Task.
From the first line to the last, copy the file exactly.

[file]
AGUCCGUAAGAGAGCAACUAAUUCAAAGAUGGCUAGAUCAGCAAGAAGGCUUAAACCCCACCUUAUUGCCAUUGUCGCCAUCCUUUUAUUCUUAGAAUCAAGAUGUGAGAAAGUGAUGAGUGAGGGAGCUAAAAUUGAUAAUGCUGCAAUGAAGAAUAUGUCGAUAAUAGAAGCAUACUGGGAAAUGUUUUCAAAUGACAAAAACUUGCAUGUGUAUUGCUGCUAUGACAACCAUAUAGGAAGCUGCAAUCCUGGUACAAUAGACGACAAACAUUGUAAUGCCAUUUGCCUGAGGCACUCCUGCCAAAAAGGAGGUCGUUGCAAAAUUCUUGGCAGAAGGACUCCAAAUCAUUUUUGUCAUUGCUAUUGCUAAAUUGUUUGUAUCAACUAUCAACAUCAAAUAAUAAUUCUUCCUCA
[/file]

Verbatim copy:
AGUCCGUAAGAGAGCAACUAAUUCAAAGAUGGCUAGAUCAGCAAGAAGGCUUAAACCCCACCUUAUUGCCAUUGUCGCCAUCCUUUUAUUCUUAGAAUCAAGAUGUGAGAAAGUGAUGAGUGAGGGAGCUAAAAUUGAUAAUGCUGCAAUGAAGAAUAUGUCGAUAAUAGAAGCAUACUGGGAAAUGUUUUCAAAUGACAAAAACUUGCAUGUGUAUUGCUGCUAUGACAACCAUAUAGGAAGCUGCAAUCCUGGUACAAUAGACGACAAACAUUGUAAUGCCAUUUGCCUGAGGCACUCCUGCCAAAAAGGAGGUCGUUGCAAAAUUCUUGGCAGAAGGACUCCAAAUCAUUUUUGUCAUUGCUAUUGCUAAAUUGUUUGUAUCAACUAUCAACAUCAAAUAAUAAUUCUUCCUCA